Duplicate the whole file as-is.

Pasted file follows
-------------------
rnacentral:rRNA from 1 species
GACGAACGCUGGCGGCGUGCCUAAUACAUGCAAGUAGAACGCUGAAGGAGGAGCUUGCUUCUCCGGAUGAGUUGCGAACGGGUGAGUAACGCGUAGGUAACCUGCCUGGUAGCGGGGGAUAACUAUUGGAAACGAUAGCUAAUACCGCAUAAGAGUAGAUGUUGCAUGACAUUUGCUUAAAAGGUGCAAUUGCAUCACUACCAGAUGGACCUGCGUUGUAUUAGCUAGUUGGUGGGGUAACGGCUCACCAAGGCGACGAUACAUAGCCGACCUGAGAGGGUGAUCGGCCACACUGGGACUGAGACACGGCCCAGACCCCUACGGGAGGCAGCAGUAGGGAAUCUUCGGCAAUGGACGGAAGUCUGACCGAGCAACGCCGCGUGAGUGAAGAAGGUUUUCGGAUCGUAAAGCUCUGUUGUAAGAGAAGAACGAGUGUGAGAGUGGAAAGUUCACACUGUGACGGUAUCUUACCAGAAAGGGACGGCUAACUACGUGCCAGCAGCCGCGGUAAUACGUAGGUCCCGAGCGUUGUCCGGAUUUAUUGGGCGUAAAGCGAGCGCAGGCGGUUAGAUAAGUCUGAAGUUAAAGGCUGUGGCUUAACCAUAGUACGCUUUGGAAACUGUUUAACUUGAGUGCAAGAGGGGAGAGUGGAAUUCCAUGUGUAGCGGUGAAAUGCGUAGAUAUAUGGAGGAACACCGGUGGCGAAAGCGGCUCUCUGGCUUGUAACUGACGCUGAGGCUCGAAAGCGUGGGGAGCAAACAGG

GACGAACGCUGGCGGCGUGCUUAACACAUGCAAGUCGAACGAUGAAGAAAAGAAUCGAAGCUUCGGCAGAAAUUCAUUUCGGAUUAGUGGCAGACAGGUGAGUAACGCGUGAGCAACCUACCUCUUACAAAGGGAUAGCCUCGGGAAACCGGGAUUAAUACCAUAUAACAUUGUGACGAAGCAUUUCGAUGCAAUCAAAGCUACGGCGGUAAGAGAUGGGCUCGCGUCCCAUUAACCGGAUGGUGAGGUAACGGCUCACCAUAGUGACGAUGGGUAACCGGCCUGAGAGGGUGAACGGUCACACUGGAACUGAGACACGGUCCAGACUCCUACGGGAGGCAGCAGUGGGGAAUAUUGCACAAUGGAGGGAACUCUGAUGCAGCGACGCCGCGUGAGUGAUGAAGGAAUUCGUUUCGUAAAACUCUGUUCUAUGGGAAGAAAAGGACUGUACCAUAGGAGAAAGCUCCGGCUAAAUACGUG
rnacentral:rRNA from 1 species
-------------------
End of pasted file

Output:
rnacentral:rRNA from 1 species
GACGAACGCUGGCGGCGUGCCUAAUACAUGCAAGUAGAACGCUGAAGGAGGAGCUUGCUUCUCCGGAUGAGUUGCGAACGGGUGAGUAACGCGUAGGUAACCUGCCUGGUAGCGGGGGAUAACUAUUGGAAACGAUAGCUAAUACCGCAUAAGAGUAGAUGUUGCAUGACAUUUGCUUAAAAGGUGCAAUUGCAUCACUACCAGAUGGACCUGCGUUGUAUUAGCUAGUUGGUGGGGUAACGGCUCACCAAGGCGACGAUACAUAGCCGACCUGAGAGGGUGAUCGGCCACACUGGGACUGAGACACGGCCCAGACCCCUACGGGAGGCAGCAGUAGGGAAUCUUCGGCAAUGGACGGAAGUCUGACCGAGCAACGCCGCGUGAGUGAAGAAGGUUUUCGGAUCGUAAAGCUCUGUUGUAAGAGAAGAACGAGUGUGAGAGUGGAAAGUUCACACUGUGACGGUAUCUUACCAGAAAGGGACGGCUAACUACGUGCCAGCAGCCGCGGUAAUACGUAGGUCCCGAGCGUUGUCCGGAUUUAUUGGGCGUAAAGCGAGCGCAGGCGGUUAGAUAAGUCUGAAGUUAAAGGCUGUGGCUUAACCAUAGUACGCUUUGGAAACUGUUUAACUUGAGUGCAAGAGGGGAGAGUGGAAUUCCAUGUGUAGCGGUGAAAUGCGUAGAUAUAUGGAGGAACACCGGUGGCGAAAGCGGCUCUCUGGCUUGUAACUGACGCUGAGGCUCGAAAGCGUGGGGAGCAAACAGG

GACGAACGCUGGCGGCGUGCUUAACACAUGCAAGUCGAACGAUGAAGAAAAGAAUCGAAGCUUCGGCAGAAAUUCAUUUCGGAUUAGUGGCAGACAGGUGAGUAACGCGUGAGCAACCUACCUCUUACAAAGGGAUAGCCUCGGGAAACCGGGAUUAAUACCAUAUAACAUUGUGACGAAGCAUUUCGAUGCAAUCAAAGCUACGGCGGUAAGAGAUGGGCUCGCGUCCCAUUAACCGGAUGGUGAGGUAACGGCUCACCAUAGUGACGAUGGGUAACCGGCCUGAGAGGGUGAACGGUCACACUGGAACUGAGACACGGUCCAGACUCCUACGGGAGGCAGCAGUGGGGAAUAUUGCACAAUGGAGGGAACUCUGAUGCAGCGACGCCGCGUGAGUGAUGAAGGAAUUCGUUUCGUAAAACUCUGUUCUAUGGGAAGAAAAGGACUGUACCAUAGGAGAAAGCUCCGGCUAAAUACGUG
rnacentral:rRNA from 1 species